In the county, the population was spread out, with 24.90% under the age of 18, 7.30% from 18 to 24, 28.10% from 25 to 44, 25.40% from 45 to 64, and 14.30% who were 65 years of age or older. The median age was 39 years. For every 100 females, there were 103.60 males. For every 100 females age 18 and over, there were 102.80 males.
The median income for a household in the county was $36,998, and the median income for a family was $43,458. Males had a median income of $36,110 versus $25,754 for females. The per capita income for the county was $18,892. About 11.60% of families and 17.40% of the population were below the poverty line, including 21.60% of those under age 18 and 10.70% of those age 65 or over.
National protected area
Government and politics
Sullivan County is a swing county, backing the national winner in all but three presidential elections from 1952 to the present. In 2004, Republican George W. Bush defeated Democrat John Kerry by a margin of 49.47% to 48.55%, or a difference of 285 votes. In 2008, however, it was won by Democrat Barack Obama over Republican John McCain by a margin of 54% to 45%. Then, in 2016, the county voted for Republican Donald Trump over Democrat Hillary Clinton by a margin of 53% to 42%. In 2020, the county didn't back the winner nationally for the first time since 2000. Incumbent Republican President Donald Trump won the county with 54% of the votes that year compared to the national winner Democrat Joe Biden's 45%.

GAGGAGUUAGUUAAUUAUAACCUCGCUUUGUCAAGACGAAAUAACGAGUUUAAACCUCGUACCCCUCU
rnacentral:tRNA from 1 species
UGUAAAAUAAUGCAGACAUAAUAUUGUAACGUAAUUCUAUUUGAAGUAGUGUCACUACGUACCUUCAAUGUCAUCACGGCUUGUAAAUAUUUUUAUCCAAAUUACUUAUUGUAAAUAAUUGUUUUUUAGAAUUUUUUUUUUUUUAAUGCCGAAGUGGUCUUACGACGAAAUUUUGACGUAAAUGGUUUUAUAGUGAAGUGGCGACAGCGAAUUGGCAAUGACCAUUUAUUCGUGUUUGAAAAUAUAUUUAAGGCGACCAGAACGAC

There are thirty-six town and village courts in Sullivan County.
Legislative authority is vested in the county legislature which consists of nine members, each elected from single member districts. Currently, there are six Republicans and three Democrats.
Public school districts
Sullivan County has services provided by Short Line to New York City. It also has some local service provided by the county itself, as well as community organizations.